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5 New Year Tips for Business Owners

5 New Year Tips for Business Owners

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As we start off 2019, here are a few tips for business owners that can help prevent bigger problems down the road.

Read and make sure you understand all contracts you sign.

I am always amazed at the number of business owners who come to me for assistance after they have signed an agreement. They are usually upset that the other party is not performing the way the business owner thought the agreement stated.

Often the business owner has not carefully read the agreement and instead relied on verbal representations from the other party. They did not bother to review it with an attorney who might have helped them understand the consequences of signing.

Identify all the intellectual property assets of your company.

Make a list of all intellectual property assets that are important to the success of your company. This includes all trademarks, patents, and copyrights.

Keeping track of intellectual property assets is helpful for ensuring maintenance deadlines are not missed. In addition, if a valuation needs to be conducted on the company, the inventory of intellectual property assets will be readily available for the person conducting the appraisal.

Make sure you register all trademarks.

Your company may have only registered the company name as a trademark with the USPTO. But your company may have additional products and services that are marketed in commerce under specific logos and/or trademarks.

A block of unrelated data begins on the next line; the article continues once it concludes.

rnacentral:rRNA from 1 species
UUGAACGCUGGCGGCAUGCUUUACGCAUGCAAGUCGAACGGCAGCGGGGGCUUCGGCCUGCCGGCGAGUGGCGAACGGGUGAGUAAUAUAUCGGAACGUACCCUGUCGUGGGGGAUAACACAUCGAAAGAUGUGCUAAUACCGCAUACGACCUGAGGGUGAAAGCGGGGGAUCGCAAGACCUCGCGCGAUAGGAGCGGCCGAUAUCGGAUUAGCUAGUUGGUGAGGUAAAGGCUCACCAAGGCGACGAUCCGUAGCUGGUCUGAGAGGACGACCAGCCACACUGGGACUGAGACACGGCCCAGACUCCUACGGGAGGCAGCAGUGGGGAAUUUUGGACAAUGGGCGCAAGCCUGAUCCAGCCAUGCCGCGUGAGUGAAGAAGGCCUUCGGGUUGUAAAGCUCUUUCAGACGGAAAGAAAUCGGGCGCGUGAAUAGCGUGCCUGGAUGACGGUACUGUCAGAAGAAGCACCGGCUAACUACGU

If the product and service names are not merely descriptive, you should consider registering them as trademarks with the USPTO.

Do not ignore cease and desist letters.

If your company receives a cease and desist letter from an attorney that accuses your company of trademark or copyright infringement, do not ignore the letter.

The other party will file a lawsuit against your company in federal court. You will spend a lot more money defending your company in court than if you had sought legal advice on how to respond to the cease-and-desist letter.

A well-written letter on law firm letterhead in response to a cease-and-desist letter is more likely to help settle the dispute prior to any lawsuit.

Do not use photographs, artwork, trademarks, or intellectual property that belongs to another company or individual without permission.

Just because a photograph, logo, artwork, music, or article is available on the internet does not mean it is free for you to copy and use on your website or in your creations. Take the time to obtain permission from the creator and/or owner of the work. This will prevent cease-and-desist letters from being served on you and your company.

 

Article provided by:

Crystal Broughan of Marks Gray